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Cafes Type
2 hours to Half Day Time to Spend
Palermo Hippodrome (Hipódromo Argentino de Palermo)
If you're feeling lucky, head over to this lavish French-style racetrack. Welcoming visitors since 1876, the Palermo Hippodrome hosts 10 horse races each month and features a casino, shopping area, and delectable French restaurants. Recent visitors are impressed by the beautiful race horses and the elegant facilities. "If you love horse racing, French architecture, and being near large roads than this is your spot," says one TripAdvisor user.
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#16

#16 in Buenos Aires

Free
Tourists have flocked to this historic square ever since Argentina declared independence from Spanish colonial rule on May 25, 1810. One major draw is the Casa Rosada (or Pink House) perched at the plaza's eastern tip. Casa Rosada contains Argentina's presidential headquarters. From its lofty balcony, Evita once spoke to swarms of Peronists (members of Buenos Aires' poor labor class). Another feature is the Pirámide de Mayo (May Pyramid), which was erected to commemorate the country's uprising and holds the stature as the city's oldest monument.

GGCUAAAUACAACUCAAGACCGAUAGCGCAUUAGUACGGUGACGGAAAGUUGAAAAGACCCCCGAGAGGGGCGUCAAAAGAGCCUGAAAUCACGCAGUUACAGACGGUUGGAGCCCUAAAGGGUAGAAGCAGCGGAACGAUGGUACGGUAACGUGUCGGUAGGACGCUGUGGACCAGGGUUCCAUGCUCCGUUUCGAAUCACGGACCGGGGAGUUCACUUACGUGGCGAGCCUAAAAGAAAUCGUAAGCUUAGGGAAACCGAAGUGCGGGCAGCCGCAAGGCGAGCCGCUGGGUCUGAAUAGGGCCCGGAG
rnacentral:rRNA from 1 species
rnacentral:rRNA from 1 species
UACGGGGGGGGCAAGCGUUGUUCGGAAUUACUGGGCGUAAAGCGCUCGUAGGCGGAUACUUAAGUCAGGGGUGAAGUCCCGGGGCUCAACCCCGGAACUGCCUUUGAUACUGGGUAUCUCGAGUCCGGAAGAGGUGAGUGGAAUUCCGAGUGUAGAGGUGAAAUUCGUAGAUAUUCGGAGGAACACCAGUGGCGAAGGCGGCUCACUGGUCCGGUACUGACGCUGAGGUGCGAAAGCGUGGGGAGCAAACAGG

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Historic Homes/Mansions Type
1 to 2 hours Time to Spend
Plaza de Mayo
Tourists have flocked to this historic square ever since Argentina declared independence from Spanish colonial rule on May 25, 1810. One major draw is the Casa Rosada (or Pink House) perched at the plaza's eastern tip. Casa Rosada contains Argentina's presidential headquarters. From its lofty balcony, Evita once spoke to swarms of Peronists (members of Buenos Aires' poor labor class). Another feature is the Pirámide de Mayo (May Pyramid), which was erected to commemorate the country's uprising and holds the stature as the city's oldest monument.
... more